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Our DIY home office built-ins!

Check out how we used unfinished cabinets to make DIY home office built ins with a butcher block desk and tons of storage!

DIY home office built-ins - Charleston Crafted

The main feature of our home office was going to be a huge wall of built-ins. Our temporary office (for the first 2 1/2 years of living here lol) was just two plywood desks with hairpin legs and two storage cabinets for everything we own.

Click here to see our original office built in ideas!

We run our entire business from home, so we need a good, cozy, functional place to work and store all of our office and craft supplies.

To create our home office, we had to fill a doorway with drywall and then remove all of the elements of the space looking like a dining room.

That consisted of removing a lot of picture frame wainscoting and chair railing from the wall.

Check out what we did on the other side of the doorway we filled in!

With the blank slate ready to go, it was time to start building in our new home office.

Let’s show you how we created our DIY home office built-ins with a butcher block desk and how you can do it too!

How to install home office built-ins

Our home office built-ins consist of base cabinets, wall cabinets, desk, workspace and a display shelf.

Lots of design ideas can feature these pieces in different ways or any option you want. If you are doing a DIY office built-in, you can really choose any configuration you want that will suit your needs.

Tall picture of completed home office built ins

For us, we had a few big goals when designing our home office:

  • beautiful statement piece
  • maximize storage
  • flexible work surface

We needed this space to be a statement piece because it is literally the first thing you see as you walk in our front door. Our office needed to be a reflection of who we are and what we do.

Storage was also essential. We were paring down from two storage cabinets that were sent to use two weeks after we moved in and combining that with all the junky office supplies and devices we had out on the plywood table before. All of that needed to be hidden.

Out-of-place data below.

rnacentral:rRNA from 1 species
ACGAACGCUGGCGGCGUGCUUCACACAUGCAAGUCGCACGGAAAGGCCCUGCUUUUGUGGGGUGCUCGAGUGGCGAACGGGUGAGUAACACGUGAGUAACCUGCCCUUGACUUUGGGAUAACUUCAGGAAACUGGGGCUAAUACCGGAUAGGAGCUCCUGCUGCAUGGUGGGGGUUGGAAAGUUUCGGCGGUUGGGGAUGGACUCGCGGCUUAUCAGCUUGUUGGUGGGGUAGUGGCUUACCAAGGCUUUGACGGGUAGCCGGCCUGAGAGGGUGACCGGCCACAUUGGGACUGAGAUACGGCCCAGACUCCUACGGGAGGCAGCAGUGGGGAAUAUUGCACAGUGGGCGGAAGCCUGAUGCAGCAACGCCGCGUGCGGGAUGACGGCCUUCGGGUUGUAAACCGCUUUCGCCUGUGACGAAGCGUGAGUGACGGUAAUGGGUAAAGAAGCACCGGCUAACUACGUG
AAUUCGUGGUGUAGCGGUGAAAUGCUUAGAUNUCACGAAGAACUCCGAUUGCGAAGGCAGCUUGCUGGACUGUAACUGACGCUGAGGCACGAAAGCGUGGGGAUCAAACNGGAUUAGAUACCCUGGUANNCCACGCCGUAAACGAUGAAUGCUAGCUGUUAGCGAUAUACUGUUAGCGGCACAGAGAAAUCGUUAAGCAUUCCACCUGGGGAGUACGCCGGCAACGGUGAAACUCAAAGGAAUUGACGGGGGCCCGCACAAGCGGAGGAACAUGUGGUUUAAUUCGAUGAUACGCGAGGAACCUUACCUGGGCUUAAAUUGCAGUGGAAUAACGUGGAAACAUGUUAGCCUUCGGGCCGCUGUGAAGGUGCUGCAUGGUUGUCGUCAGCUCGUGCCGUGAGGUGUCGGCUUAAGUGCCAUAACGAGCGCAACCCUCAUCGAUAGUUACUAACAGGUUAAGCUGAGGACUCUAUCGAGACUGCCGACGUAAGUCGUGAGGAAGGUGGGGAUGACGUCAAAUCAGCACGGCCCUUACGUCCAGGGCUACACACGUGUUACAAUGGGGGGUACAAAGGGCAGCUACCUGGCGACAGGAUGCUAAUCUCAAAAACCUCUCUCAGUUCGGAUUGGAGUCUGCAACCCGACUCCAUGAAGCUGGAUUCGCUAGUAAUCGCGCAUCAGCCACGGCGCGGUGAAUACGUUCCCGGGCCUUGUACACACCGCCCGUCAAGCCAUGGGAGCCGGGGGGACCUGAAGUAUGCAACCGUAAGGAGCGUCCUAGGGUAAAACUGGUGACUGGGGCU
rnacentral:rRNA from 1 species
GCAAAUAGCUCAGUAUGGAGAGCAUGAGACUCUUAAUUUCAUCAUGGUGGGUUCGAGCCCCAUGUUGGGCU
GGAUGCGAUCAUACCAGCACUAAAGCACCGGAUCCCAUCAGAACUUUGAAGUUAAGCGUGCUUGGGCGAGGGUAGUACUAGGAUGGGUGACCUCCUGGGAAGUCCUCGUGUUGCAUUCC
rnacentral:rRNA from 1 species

Large work surface in home office

And finally we needed a flexible work surface. We mostly work off of laptops, but we have a desktop for certain tasks and do crafting and collaborative work that needed a better way to work together.

With all that in mind, we got to work on our home office design.

DIY home office built-in wall cabinets

The first step for us was choosing our built-in office cabinets. After filling in the doorway to the kitchen, we had a very long wall to fill and maximize space.

How to choose cabinets for home office built-ins

There are a number of options for office built-in cabinets to choose from based on what you are comfortable doing, what style you want and how much money you want to spendl

  • completely DIY and build custom cabinets from plywood
  • buy custom cabinetry from any big box or speciality store
  • buy unfinished pre-made cabinets and customize to your needs

The benefit of building your own cabinets from plywood is that you can literally create anything you want. Any configuration, any size, anything at all. However, you needs skills, time and money.

Building custom cabinets is great, but plywood prices are at an all-time high, making this not a super budget friendly option anymore. Plus, factor in the time it would take to make them from scratch.

Buying custom cabinetry is going to be the most expensive option, but you’re likely to get a larger variety of choices and get exactly what you want.

Unfinished cabinets from Home Depot for home office built ins

For us, we chose to buy unfinished cabinets from Home Depot and create a layout that worked for us.

This option seemed best because the cabinet prices were pretty good in the end and they were ready to go.

The only problem is that they are kitchen cabinets, so base cabinets are too high for working at, so we needed to work around that (more to follow).

Using unfinished cabinets for our DIY home office built-ins

After settling on our final design, here are the unfinished cabinets we ended up buying:

Dry fitting cabinets in place to make sure they look good